prolificacy


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pro·lif·ic

 (prə-lĭf′ĭk)
adj.
1. Producing offspring or fruit in great abundance; fertile: a prolific variety of grape.
2. Producing or characterized by abundant works or results: a prolific artist; a prolific period in a writer's life. See Synonyms at fertile.

[French prolifique, from Medieval Latin prōlificus : Latin prōlēs, prōl-, offspring; see al- in Indo-European roots + Latin -ficus, -fic.]

pro·lif′i·ca·cy (-ĭ-kə-sē), pro·lif′ic·ness (-ĭk-nĭs) n.
pro·lif′i·cal·ly adv.
ThesaurusAntonymsRelated WordsSynonymsLegend:
Noun1.prolificacy - the property of producing abundantly and sustaining vigorous and luxuriant growth; "he praised the richness of the soil"; "weeds lovely in their rankness"
fruitfulness, fecundity - the quality of something that causes or assists healthy growth

prolificacy

noun
The quality or state of being fertile:
References in periodicals archive ?
1 (6) EWE 0 51 1 49 PGR ([dagger]) DA = days to anthesis, DS = days to silking, PHT = plant height, EHT = ear height, IPRO = prolificacy index, TII = tiller index, LOD = lodging, RBE = ratio biomass-ear, RBI = residual biomass, ELHT = ear length, GTH = grain thickness, GLE = grain length, GWI = grain width, W100 = weight of 100 kernels, GWE = grain weight per ear, EWE = ear weight, PGR = percentage of grain weight out of ear's total.
Mechanisms of prolificacy are likely to involve reproductive endocrine factors and genes that have been conserved throughout evolution.
For example, after the switch from hand to machine harvest, starting in the late 1930s, it has been repeatedly shown that prolificacy is highly and positively correlated with grain yield (Russell, 1984; Carlone and Russell, 1987; Subandi, 1990; Duvick, 1997), although prolificacy can also be associated with poor stalk strength and standability (Carena et al.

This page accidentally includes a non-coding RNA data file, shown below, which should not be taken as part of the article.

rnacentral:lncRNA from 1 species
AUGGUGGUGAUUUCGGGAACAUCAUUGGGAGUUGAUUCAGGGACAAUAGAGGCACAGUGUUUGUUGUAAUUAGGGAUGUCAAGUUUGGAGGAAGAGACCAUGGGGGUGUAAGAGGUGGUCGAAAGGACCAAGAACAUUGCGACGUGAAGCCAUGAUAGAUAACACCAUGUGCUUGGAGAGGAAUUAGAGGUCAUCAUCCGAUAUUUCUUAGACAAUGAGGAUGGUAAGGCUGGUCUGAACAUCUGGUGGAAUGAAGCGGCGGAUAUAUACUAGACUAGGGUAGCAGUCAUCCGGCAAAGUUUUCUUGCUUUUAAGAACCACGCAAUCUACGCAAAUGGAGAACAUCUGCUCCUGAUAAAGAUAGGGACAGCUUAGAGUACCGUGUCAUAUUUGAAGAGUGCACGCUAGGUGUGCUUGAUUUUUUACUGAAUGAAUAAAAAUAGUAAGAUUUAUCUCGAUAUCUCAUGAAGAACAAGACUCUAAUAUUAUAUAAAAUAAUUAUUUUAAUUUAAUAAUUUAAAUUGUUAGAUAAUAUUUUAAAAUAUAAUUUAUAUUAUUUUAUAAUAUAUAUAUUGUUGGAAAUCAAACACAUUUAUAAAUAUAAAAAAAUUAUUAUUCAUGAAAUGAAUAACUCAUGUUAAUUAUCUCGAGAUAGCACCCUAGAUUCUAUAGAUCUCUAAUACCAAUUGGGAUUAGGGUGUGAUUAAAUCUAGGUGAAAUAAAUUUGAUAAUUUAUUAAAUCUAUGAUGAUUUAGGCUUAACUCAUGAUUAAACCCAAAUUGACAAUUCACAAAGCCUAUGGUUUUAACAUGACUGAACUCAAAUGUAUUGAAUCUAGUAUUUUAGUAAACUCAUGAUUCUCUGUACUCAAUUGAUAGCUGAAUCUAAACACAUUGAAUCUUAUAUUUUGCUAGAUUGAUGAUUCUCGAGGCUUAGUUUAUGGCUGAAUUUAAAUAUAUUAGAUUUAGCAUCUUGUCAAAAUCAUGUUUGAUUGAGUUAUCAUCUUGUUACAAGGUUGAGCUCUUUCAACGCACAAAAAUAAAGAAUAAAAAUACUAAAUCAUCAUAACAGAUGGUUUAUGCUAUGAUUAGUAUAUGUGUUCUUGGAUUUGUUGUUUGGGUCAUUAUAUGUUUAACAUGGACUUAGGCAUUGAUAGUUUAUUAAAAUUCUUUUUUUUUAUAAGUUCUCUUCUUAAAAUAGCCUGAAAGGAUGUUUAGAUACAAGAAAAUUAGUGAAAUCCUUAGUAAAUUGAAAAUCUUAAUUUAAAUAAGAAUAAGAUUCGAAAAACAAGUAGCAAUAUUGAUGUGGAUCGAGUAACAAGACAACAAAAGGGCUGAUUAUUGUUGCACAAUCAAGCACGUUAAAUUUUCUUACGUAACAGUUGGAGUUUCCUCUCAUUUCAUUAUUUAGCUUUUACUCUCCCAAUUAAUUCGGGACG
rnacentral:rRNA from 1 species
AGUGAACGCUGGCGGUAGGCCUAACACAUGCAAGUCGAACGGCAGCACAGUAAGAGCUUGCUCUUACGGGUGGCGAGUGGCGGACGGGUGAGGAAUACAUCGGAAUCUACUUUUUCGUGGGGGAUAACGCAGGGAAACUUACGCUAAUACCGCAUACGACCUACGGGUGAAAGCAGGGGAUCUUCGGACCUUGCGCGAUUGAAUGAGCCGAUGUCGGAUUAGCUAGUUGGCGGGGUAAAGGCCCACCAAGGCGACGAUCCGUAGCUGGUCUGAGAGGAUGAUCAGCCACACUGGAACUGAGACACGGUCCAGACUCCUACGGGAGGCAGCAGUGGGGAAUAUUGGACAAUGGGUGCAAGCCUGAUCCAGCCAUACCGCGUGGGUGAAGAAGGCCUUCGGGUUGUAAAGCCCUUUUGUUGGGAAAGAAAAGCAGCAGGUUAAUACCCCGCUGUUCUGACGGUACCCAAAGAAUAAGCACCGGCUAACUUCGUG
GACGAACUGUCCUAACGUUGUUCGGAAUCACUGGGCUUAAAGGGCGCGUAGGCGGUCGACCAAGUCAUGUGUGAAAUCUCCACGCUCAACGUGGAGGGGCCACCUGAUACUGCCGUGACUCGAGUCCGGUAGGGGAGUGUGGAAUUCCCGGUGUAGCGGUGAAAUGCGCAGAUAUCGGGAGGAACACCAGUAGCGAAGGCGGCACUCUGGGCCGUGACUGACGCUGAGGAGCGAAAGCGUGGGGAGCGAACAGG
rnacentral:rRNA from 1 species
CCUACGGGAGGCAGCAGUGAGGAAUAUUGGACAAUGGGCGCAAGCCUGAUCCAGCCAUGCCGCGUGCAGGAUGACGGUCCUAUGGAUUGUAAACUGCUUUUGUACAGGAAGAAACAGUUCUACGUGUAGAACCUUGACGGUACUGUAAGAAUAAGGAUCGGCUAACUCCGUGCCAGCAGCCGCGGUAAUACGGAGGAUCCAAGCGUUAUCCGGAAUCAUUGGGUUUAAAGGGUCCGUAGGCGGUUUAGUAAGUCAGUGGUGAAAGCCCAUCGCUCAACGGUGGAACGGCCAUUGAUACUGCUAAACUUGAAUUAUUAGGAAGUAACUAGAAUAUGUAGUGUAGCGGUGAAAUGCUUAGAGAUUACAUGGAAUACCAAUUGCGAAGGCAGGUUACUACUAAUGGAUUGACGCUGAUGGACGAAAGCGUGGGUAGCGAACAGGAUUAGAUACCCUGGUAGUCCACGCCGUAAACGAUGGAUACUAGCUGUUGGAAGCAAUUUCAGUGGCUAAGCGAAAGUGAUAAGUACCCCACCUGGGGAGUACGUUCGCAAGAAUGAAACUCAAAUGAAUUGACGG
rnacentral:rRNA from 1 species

2007a) have shown that the economic values for fertility (conception rate), prolificacy (number of lambs born) and milk yield was higher for cheese-seller farms than for milk-seller farms.
This result suggests that the age at puberty and prolificacy have no inevitable association in nature, which, of course, needs further confirmation in other pig breeds.
Unlike some heritage breed choices, their medium size, reasonable growth rate, prolificacy, and great mothering skills mean higher ratios of weaned piglets per breeder with lower breeder maintenance costs.
All of above results revealed the association of INHA to the prolificacy in goats.
What is unique here is that Ortega's interest is focused on the repercussions of a highly technical instrumental context for architects, beyond the conventional fascination with formal prolificacy or the productive efficiency of digital tools.
But the Picasso hype can't just be put down to his prolificacy.
This susceptibility comes from an ever increasing pressure to publish for promotions for academicians; and for researchers, prolificacy, due to the competitive nature of research grants.